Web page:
And, what’s more, I would have to keep paying her for the privilege to be insulted by her new friends’ presence because of my nostalgic bond with the beauty she had once been. They were cannon now, she decreed, her spittle flecking my face.

It was then that the scales fell from my eyes and I realized she had slowly transformed into someone I just couldn’t stand. And I said no more. We’re through.

Mind you, this moment of clarity came around 3 am after a midnight booty call/ showing of Revenge of the Sith (which I did go look up to remember the title to) opening night in the parking lot. This is what a lot of therapists will call “rock bottom,” but even still stinging from our break up, I felt good. Free.

And I stuck by this new Star Wars sobriety for quite a few years until 2015, but that siren ultimately called me back by telling me she had changed in The Force Awakens. I had heard rumors swirling that she had gotten back into shape with her new personal trainer JJ Abrams over at the Disney gym by shedding 220 pounds of excess Lucas, and I have to admit, she looked damn good again.

So we went out on our first first-date in ten years, and I’m not going to lie, when “Long time ago…” crawled across the screen there was that same spark again. I was suddenly a young boy once more remembering why I loved her in the first place.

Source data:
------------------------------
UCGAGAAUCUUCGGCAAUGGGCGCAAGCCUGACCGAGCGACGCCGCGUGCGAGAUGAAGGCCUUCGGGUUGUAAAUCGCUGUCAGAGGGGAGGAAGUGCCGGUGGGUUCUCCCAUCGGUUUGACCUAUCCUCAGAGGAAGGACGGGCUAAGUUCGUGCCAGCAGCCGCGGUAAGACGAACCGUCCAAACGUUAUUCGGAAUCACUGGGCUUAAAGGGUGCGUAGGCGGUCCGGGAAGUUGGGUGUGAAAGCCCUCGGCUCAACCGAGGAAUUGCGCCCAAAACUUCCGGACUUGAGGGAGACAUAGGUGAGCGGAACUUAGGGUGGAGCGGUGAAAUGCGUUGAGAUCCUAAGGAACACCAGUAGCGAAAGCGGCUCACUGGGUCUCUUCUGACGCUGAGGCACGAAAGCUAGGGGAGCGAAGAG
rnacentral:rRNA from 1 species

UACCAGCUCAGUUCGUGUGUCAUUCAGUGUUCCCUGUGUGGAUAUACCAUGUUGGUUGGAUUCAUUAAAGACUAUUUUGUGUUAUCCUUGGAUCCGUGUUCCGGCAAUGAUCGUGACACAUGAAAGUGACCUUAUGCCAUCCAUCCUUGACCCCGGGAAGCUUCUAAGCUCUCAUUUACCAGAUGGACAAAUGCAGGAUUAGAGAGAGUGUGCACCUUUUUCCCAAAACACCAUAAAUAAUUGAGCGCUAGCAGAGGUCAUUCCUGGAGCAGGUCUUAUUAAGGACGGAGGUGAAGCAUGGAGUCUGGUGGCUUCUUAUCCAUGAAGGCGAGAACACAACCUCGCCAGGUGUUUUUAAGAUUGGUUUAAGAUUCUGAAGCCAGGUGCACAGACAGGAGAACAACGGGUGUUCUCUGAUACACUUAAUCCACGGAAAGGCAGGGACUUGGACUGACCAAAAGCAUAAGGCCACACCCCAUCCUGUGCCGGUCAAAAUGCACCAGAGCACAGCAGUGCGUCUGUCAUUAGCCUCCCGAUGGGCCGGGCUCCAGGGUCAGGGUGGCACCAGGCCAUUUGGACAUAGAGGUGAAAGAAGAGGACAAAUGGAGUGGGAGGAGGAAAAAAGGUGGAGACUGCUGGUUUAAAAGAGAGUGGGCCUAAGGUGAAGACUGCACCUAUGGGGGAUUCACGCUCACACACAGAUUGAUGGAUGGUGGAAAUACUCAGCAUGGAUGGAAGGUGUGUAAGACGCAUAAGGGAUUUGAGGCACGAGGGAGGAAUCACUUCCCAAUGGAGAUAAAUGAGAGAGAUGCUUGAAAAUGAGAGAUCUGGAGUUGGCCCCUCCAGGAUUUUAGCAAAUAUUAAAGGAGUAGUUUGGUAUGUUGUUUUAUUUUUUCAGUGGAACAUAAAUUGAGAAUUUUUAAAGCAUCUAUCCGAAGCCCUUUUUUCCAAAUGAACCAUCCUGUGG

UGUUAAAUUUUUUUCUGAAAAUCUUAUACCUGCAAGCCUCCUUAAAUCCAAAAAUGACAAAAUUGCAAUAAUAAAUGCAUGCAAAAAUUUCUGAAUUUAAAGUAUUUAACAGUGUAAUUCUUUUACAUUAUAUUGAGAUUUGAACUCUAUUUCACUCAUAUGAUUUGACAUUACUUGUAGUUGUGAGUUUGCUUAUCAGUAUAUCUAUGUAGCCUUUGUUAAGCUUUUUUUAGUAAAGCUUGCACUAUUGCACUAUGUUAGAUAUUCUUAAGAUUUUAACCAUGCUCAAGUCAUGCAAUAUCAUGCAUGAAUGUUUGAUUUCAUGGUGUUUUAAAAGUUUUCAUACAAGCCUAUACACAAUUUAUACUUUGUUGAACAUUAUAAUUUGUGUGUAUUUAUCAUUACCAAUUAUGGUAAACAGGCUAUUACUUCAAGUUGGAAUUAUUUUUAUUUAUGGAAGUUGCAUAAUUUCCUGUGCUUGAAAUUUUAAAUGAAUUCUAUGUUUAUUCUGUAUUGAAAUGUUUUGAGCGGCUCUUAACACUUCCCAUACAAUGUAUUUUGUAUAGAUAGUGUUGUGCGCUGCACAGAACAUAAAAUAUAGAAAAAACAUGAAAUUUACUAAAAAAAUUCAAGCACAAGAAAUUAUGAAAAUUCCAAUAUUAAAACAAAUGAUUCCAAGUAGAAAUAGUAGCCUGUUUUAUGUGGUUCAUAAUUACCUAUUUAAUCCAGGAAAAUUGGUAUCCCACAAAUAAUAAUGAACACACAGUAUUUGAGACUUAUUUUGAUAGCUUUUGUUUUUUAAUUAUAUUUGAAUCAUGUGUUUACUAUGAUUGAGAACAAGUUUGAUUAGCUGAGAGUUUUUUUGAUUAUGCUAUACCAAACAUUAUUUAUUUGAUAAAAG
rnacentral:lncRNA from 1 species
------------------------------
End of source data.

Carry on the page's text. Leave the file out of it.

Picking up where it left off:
Then she belted me in the face when Kylo Ren’s ship landed in the first scene and I realized all her changes were only skin deep. By the end of the night I left the theater used, bruised, and abused. And she had the audacity to demand $12 plus popcorn for such mistreatment.

I’m okay, I swore to myself. This was just a single slip up and there’s no reason I’ll ever fall into this trap again.

Then Rogue One came out and I found myself $12 poorer (plus popcorn!) yet again. No, it wasn’t as egregiously bad as The Force Awakens. Hell, it was good enough that it could have been a very special episode of Rebels, which has had some pretty awesome season finales. Which is to say, Rogue One wasn’t actually all that impressive. It just failed to trip and crap itself right out the gate like the last four movies had, so we called it good.

But it wasn’t good. It just wasn’t bad. Instead of the physical and emotional abuse Star Wars heaped upon me over the last 20 years, she expected me to just accept her back into my life in the semblance of some passionless midlife marriage where we wait out our shared impending end hoping the other dies off first and early enough to allow us at least some fun at the old folks’ home our kids ship us off to.

Well, I say no more. No more abuse; no more insipid and passionless Cialis-esque relationship. I’m through with Star Wars once and for all.

Except for Rebels, of course. That show is still pretty dope.

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MD Presley is a screenwriter, blogger and occasional novelist… which basically means he’s a layabout.  He has written two books on fantasy worldbuilding, and teaches worldbuilding techniques, tricks, and tips at Forging Fantasy Realms once a week on YouTube.